Don't freak out too much about Kubernetes and security, it's just like any new technology that's early in usage

Here’s a little interview I did with Torsten Volk at EMA research. We talked about security concerns with Kubernetes. He’s done a great, very thorough look at Kubernetes usage and the state of things. You can get it for free thanks to my work.

Not enough failure yet to be perfect

As ever with security and a new technology, there’s a lot of uncertainty and finishing off the security features as a new technology is used more and more in the mainstream. And this is exactly what you see with Kubernetes now, especially in “the enterprise.” Despite the “everyone’s doing it” feel, when you look at estimates for how many applications are running in Kubernetes, it’s sizable and growing, but far from “everything”:

​[B]y 2027, 25 percent of all enterprise applications will run in containers, an increase from fewer than 10 percent in 2021.

From: Gartner, CTOs’ Guide to Containers and Kubernetes — Answering the Top 10 FAQs, Arun Chandrasekaran, WataruKatsurashima, 31 May 2022.

In my mind, this means that something around 15% of enterprise applications are running in containers. Are those containers running in Kubernetes? That’s harder to tell - there are many container-based platforms from the Container War days, including the Cloud Foundry ones, probably some Docker-based ones, etc., etc.

But, I’d assume that a lot of those containerized applications, especially the growth that moves the estimate up to 25% will be running in Kubernetes. You know: yeah, probably.

As more and more enterprise applications are created and migrated to Kubernetes, things will quickly be discovered, proactively fixed, and things will be peachy. Such is how technology goes.

There’s a lot of buckets

The other things driving security in the Kubernetes world is that it’s a stack designed to be DIY’ed. Instead of one, integrated and unified stack that’s polished off, you can assemble together all the parts. You know, because you’re probably a victim of the “we’re special and so we have to tinker with the stack” anti-pattern. The number of combinations of that final stack, then, are massive, and each time you customize the stack, you open yourself up to screwing up the security. So it goes with building your own stacks! Hopefully you’ve done your Wardly map analysis, or whatever.

Being the one interviewed is great - just like a being on a panel, you pretty much just show up and talk. Easy and fun.

Watch the interview, it’s only 10 minute long!


  • A consultant would clearly say that one problem you have is refusing to accept outside help. Here.

  • “Yet sometimes, I suffer from what you might call achievement fatigue: I question my motives, I ask myself what the hell I’m doing or supposed to be doing, and sometimes, I cut myself some slack.” Achievement Fatigue.

  • ‘the “pressure to presence.”’ Here.

  • I get all my news from The Register.

Relevant to your interests

  • OpenAI’s ChatGPT can look at uploaded files in the latest beta updates - I’m thinking that, soon, ChatGPT will be a better way that create images than Midjourney. Midjourney’s prompts and refinement method is way too complex and uncontrolled. It’s very difficult to figure out how to say things like “add a skateboard to the second image.”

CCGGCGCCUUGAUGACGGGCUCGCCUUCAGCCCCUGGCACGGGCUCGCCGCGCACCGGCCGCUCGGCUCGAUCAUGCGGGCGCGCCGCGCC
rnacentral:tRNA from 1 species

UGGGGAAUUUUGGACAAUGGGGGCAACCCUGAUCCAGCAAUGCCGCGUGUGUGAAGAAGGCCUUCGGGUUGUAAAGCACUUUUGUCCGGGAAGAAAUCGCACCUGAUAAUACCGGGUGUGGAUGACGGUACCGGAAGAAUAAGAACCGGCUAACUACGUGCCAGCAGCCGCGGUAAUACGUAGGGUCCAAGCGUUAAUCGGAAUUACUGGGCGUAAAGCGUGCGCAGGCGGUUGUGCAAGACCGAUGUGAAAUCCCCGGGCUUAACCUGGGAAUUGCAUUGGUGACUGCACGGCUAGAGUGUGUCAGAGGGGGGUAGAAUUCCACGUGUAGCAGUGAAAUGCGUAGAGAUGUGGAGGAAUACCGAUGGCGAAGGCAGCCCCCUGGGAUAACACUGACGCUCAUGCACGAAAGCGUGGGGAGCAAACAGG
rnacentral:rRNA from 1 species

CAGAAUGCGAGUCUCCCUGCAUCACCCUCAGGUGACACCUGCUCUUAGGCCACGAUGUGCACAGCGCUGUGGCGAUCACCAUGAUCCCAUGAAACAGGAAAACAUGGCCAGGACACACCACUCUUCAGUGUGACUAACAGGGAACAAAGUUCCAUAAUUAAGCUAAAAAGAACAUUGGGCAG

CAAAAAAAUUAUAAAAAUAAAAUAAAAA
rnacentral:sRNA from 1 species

• PowerPoint gone crazy in the US Military (2010) - From 2010. Yes, and: it’d be cool if there was something better - memos?

  • TikTok Star Devon Rodriguez Is Now the Most Famous Artist in the World. But What About His Work? - “The case of Devon Rodriguez is more evidence for the shift in emphasis from consuming art as content, to consuming artists as content.” And: “In 2023, Rodriguez is essentially in a race to develop an audience with a more-than-superficial interest in his actual painting faster than his social-media presence is drained of goodwill through over-exploitation.” // Also, a bunch of fans apparently got angry at this. I mean, of course: the critic said the art wasn’t good enough to be art. This is what the Internet can do for us.

  • Leaving Twitter, Benedict Evans - “This is often the real challenge to tech incumbents: once the network effects are locked in, it’s very hard to get people to switch to something that’s roughly the same but 10% better - they switch to something that solves one underlying need in an entirely new way.” // I’m starting to think that the whole innovator’s dilemma is a much, much rarer occurrence/success than we assume. Instead, there are often deep-pocketed incumbents who simply make a better technology/product and/or are more successful at driving market adoption (sales and marketing that leads to purchases). Plus, sometimes, the dominant companies just get lazy.

  • Fifteen ghosts and a demon.


Talks I’ll be giving, places I’ll be, things I’ll be doing, etc.

Nov 6th to 9th VMware Explore in Barcelona, speaking (twice, and at a booth). Nov 15th DeveloperWeek Enterprise, speaking.

Discount code for KubeCon US - while I won’t be at KubeCon US this year, my work has a discount code you can use to get 20% off your tickets. The code is: KCNA23VMWEO20.


We had a great week off in Spain (Sitges, to be exact) last week. I’m not often able to completely relax and disengage from life on vacations, but this time it worked. We had a place right across the street from the beach, and we didn’t worry about spending our time wisely. So, we wisely spent our time just going to the beach each day.

I have travel for the next three weeks, including tonight. Work travel has been a huge part of my life since 2006, and I’m not really sure what my role and purpose would be otherwise. But, it’s starting to seem like something I should figure out. Got any ideas?,, @cote,,